[OS X TeX] Unwanted blank page

Maarten Sneep maarten.sneep at xs4all.nl
Thu Jan 5 16:48:38 EST 2006

On 5 Jan 2006, at 0:26, Josep M. Font wrote:

> Some years ago I used a different trick which does not force one to  
> modify the source file  every time one wants to include or exclude  
> the exercises. It uses some TeX mechanisms (which of course work  
> with LaTeX), which ask interactively what option you want. Adapting  
> my own code to your situation, I think the following should work:

While the interactive option will work, it will be very tedious when  
finalising your document, correcting the overfull boxes, etc. Since  
it is possible to include (la)tex code on the command line, you can  
use a make file to get the final bits right.

pdflatex \\PassOptionsToPackage{draft}{graphics} \\input yourfile.tex

will run the the file yourfile through pdflatex, but prevent  
inclusion of the graphics, without editing the file itself. This can  
be done in a normal script of a makefile. The speed increase is  
considerable (the same is true for passing draft to hyperref). Ideal  
when you need multiple runs for the cross-references, the first run  
passes much more quickly in this case. The thing is that the commands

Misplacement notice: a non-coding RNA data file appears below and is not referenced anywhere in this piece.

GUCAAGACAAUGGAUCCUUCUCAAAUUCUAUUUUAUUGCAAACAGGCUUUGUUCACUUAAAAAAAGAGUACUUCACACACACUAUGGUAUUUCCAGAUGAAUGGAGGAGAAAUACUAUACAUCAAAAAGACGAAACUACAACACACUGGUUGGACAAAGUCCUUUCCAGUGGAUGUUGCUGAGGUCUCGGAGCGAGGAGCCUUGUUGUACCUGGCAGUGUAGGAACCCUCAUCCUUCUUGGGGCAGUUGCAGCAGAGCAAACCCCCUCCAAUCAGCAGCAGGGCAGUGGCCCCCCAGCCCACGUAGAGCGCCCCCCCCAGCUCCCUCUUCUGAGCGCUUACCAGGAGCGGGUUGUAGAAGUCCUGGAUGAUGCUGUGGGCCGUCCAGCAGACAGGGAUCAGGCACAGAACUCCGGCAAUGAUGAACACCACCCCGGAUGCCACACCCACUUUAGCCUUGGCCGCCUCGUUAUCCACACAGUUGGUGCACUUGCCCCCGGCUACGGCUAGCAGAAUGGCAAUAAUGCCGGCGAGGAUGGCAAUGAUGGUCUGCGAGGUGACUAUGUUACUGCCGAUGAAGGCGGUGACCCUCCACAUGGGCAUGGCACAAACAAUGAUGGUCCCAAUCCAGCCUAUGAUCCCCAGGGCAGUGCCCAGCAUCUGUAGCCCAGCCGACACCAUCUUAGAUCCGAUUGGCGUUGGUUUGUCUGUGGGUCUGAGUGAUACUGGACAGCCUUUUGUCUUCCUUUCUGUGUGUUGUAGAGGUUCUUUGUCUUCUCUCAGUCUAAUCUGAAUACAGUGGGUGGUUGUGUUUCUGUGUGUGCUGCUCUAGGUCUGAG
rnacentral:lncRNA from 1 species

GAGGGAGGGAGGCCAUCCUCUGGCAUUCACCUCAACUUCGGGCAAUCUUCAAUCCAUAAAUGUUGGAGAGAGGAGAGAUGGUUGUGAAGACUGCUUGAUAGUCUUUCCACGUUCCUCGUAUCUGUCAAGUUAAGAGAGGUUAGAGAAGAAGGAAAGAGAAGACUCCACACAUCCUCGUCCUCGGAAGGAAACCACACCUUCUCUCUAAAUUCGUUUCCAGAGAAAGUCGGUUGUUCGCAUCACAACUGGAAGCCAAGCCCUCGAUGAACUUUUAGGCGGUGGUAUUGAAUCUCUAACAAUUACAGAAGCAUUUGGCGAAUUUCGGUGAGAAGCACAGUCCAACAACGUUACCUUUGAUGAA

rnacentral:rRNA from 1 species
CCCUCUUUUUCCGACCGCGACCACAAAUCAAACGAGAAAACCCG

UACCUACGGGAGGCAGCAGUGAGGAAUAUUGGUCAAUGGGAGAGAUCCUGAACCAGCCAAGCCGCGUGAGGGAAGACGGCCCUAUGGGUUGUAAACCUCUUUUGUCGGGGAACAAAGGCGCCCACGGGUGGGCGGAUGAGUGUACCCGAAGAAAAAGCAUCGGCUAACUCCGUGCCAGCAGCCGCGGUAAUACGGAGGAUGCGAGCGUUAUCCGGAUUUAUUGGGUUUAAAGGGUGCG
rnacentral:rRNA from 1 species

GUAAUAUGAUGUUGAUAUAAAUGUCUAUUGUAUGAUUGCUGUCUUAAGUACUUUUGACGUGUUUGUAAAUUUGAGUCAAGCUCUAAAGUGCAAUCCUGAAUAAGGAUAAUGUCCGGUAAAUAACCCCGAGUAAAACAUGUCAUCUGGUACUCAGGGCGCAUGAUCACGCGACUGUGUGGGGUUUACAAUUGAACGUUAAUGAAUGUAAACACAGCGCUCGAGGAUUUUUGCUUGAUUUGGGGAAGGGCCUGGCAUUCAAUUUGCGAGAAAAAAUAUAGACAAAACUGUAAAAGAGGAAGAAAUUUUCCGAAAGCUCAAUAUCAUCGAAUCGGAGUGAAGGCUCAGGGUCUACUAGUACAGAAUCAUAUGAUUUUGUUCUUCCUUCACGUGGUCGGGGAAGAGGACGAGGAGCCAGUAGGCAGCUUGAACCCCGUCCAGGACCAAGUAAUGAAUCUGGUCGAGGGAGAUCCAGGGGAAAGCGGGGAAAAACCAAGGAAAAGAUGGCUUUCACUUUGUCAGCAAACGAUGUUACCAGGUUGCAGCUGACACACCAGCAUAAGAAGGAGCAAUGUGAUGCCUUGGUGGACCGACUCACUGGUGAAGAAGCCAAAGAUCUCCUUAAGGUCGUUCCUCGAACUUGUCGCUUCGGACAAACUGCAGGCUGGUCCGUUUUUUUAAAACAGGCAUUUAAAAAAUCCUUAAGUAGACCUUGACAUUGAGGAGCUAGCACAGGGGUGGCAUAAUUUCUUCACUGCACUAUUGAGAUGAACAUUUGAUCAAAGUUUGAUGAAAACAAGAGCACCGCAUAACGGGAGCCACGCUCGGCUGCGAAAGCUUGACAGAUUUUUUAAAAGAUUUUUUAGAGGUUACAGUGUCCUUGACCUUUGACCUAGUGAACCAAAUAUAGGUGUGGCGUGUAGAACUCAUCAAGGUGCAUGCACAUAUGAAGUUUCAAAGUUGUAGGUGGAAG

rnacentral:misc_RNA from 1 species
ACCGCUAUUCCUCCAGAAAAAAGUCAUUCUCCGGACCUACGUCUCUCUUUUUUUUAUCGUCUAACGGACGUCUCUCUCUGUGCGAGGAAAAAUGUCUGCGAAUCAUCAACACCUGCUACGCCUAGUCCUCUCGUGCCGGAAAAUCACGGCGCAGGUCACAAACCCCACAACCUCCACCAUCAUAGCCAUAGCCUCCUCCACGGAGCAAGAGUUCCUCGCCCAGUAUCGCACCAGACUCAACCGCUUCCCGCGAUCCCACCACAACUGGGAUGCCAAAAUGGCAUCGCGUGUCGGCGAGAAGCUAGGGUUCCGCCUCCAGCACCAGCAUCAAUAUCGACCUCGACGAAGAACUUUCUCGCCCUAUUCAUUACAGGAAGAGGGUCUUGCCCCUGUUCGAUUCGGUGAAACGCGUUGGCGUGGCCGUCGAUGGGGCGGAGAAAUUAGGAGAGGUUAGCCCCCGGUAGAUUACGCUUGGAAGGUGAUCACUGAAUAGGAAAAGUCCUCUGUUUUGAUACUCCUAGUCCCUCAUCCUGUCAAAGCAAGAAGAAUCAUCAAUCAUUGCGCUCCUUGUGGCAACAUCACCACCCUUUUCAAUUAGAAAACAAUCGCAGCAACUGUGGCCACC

will appear _before_ the \documentclass command, and that limits your  
options to either plain tex commands, or latex kernel commands (i.e.  
not a command defined in a package). However, your definition of a  
boolean fits in those categories:

to typeset with exercises:
pdflatex \\newif\\ifexercises\\exercisestrue \\input yourfile.tex

to typeset without:
pdflatex \\newif\\ifexercises \\input yourfile.tex

You may want to add some code to set a default inside the tex file,  
and you'll need to remove the \typein.
I tried some code to test whether the \if was defined, but that is  
hard. Perhaps try a different approach (note this is untested, and  
unsupported by me):

with exercises:
pdflatex \\def\\IncludeExercisesThisRun{} \\input yourfile.tex

without exercises:
pdflatex yourfile.tex

with the following in the file:


and the rest as before. This basically turns the existence of a macro  
into a boolean flag, which you then use to define the flag you're  
really interested in.


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